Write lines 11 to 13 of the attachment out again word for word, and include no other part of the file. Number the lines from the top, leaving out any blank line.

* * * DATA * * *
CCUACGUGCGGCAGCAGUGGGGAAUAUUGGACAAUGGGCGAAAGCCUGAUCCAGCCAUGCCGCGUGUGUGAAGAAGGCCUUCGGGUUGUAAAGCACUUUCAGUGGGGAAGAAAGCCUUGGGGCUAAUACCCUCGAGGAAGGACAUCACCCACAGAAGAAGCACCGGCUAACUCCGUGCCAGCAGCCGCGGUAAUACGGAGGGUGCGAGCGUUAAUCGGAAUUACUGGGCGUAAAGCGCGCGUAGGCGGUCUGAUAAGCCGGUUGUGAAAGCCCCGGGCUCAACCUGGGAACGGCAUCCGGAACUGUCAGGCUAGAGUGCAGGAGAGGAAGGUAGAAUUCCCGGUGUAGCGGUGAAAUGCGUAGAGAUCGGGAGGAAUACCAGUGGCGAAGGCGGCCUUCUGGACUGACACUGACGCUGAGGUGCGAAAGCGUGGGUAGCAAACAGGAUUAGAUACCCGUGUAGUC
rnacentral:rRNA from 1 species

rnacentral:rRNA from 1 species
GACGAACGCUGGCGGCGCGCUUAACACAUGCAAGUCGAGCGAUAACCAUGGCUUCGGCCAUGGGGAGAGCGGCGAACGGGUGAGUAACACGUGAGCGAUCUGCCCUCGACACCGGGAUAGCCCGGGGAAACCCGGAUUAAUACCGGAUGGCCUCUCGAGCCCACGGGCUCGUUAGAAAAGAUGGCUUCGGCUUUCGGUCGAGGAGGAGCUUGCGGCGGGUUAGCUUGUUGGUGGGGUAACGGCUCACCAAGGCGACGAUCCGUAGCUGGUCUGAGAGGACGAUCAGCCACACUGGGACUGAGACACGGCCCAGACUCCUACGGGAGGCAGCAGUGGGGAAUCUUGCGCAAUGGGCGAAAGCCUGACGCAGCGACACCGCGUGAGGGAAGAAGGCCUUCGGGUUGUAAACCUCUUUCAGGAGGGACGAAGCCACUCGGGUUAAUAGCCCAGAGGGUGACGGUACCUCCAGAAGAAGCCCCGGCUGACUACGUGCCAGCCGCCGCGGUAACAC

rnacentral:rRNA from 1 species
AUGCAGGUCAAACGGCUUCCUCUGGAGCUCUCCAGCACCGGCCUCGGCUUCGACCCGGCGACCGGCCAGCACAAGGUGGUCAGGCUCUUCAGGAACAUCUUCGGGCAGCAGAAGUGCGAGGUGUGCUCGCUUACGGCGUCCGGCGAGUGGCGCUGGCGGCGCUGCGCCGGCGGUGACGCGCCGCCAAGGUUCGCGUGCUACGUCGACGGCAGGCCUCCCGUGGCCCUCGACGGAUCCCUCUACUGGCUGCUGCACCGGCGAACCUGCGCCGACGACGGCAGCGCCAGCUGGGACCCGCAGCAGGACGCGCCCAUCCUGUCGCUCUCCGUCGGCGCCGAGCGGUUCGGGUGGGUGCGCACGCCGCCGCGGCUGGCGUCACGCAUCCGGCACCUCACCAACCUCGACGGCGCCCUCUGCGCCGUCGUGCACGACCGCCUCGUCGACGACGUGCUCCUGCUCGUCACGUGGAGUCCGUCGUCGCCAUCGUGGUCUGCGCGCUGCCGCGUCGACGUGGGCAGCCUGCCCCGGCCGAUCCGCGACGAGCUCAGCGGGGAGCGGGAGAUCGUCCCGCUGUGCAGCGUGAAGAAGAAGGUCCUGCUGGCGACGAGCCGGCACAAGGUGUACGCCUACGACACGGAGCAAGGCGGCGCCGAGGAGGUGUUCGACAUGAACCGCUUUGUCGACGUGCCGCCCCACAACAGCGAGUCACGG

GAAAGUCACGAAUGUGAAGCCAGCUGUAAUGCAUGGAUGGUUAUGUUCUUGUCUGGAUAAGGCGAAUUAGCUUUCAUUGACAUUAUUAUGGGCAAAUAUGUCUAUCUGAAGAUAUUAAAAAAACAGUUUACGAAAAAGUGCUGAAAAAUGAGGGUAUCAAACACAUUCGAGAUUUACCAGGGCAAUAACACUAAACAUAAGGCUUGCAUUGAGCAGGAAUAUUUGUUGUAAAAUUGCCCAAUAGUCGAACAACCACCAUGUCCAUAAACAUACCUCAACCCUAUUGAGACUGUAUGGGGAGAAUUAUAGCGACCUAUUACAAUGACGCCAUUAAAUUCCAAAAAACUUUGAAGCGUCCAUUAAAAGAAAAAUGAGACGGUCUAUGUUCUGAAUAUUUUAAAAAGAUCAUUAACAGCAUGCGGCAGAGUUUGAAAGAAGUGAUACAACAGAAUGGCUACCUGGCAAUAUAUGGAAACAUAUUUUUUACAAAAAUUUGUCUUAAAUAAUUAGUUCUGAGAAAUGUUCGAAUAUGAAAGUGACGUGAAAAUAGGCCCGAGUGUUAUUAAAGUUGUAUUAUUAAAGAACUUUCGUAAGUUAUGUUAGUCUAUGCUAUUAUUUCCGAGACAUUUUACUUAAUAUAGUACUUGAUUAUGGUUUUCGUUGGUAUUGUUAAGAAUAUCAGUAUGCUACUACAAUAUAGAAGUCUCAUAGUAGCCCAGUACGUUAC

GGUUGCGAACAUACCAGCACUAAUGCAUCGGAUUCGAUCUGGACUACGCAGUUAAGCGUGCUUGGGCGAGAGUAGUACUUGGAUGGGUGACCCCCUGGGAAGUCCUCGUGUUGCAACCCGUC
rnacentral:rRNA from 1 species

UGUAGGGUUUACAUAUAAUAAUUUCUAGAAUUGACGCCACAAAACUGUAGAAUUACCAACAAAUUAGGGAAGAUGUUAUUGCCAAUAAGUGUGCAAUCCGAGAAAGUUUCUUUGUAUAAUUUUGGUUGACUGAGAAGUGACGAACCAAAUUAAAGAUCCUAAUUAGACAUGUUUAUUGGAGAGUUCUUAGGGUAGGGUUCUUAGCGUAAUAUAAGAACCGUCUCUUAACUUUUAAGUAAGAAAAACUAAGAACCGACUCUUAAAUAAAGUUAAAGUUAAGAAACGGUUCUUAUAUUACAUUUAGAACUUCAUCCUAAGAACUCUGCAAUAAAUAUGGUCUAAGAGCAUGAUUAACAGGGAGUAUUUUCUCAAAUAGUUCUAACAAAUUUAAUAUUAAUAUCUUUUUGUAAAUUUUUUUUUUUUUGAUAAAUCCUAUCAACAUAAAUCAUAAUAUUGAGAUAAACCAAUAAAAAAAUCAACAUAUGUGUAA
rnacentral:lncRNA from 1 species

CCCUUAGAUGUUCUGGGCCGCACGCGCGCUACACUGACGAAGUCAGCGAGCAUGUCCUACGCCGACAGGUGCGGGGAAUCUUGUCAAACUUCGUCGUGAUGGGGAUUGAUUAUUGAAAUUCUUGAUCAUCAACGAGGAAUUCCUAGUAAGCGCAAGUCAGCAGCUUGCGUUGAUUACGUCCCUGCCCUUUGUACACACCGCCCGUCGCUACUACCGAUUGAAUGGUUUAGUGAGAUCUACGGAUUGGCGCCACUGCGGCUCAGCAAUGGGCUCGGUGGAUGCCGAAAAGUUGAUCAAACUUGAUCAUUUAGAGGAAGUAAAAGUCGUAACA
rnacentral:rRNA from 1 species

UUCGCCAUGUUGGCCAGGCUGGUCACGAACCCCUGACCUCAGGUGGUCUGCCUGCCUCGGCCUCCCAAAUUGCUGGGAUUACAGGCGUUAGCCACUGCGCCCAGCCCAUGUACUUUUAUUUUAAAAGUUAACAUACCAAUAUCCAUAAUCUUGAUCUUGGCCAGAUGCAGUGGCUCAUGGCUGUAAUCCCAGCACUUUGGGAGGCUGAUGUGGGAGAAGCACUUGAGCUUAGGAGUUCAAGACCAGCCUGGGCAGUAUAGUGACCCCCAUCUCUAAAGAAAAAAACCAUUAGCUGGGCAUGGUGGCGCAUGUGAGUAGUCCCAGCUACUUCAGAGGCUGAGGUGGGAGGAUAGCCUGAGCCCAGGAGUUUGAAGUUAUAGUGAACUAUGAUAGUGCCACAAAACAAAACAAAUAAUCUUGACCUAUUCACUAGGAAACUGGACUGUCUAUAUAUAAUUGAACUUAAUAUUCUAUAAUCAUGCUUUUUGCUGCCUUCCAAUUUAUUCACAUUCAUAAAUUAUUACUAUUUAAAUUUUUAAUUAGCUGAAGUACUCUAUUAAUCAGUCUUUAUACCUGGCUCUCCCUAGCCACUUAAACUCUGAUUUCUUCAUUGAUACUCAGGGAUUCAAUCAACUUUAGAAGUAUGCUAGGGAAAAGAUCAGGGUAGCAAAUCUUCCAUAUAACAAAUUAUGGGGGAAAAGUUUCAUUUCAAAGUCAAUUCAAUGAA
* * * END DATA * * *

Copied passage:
rnacentral:lncRNA from 1 species

CCCUUAGAUGUUCUGGGCCGCACGCGCGCUACACUGACGAAGUCAGCGAGCAUGUCCUACGCCGACAGGUGCGGGGAAUCUUGUCAAACUUCGUCGUGAUGGGGAUUGAUUAUUGAAAUUCUUGAUCAUCAACGAGGAAUUCCUAGUAAGCGCAAGUCAGCAGCUUGCGUUGAUUACGUCCCUGCCCUUUGUACACACCGCCCGUCGCUACUACCGAUUGAAUGGUUUAGUGAGAUCUACGGAUUGGCGCCACUGCGGCUCAGCAAUGGGCUCGGUGGAUGCCGAAAAGUUGAUCAAACUUGAUCAUUUAGAGGAAGUAAAAGUCGUAACA
rnacentral:rRNA from 1 species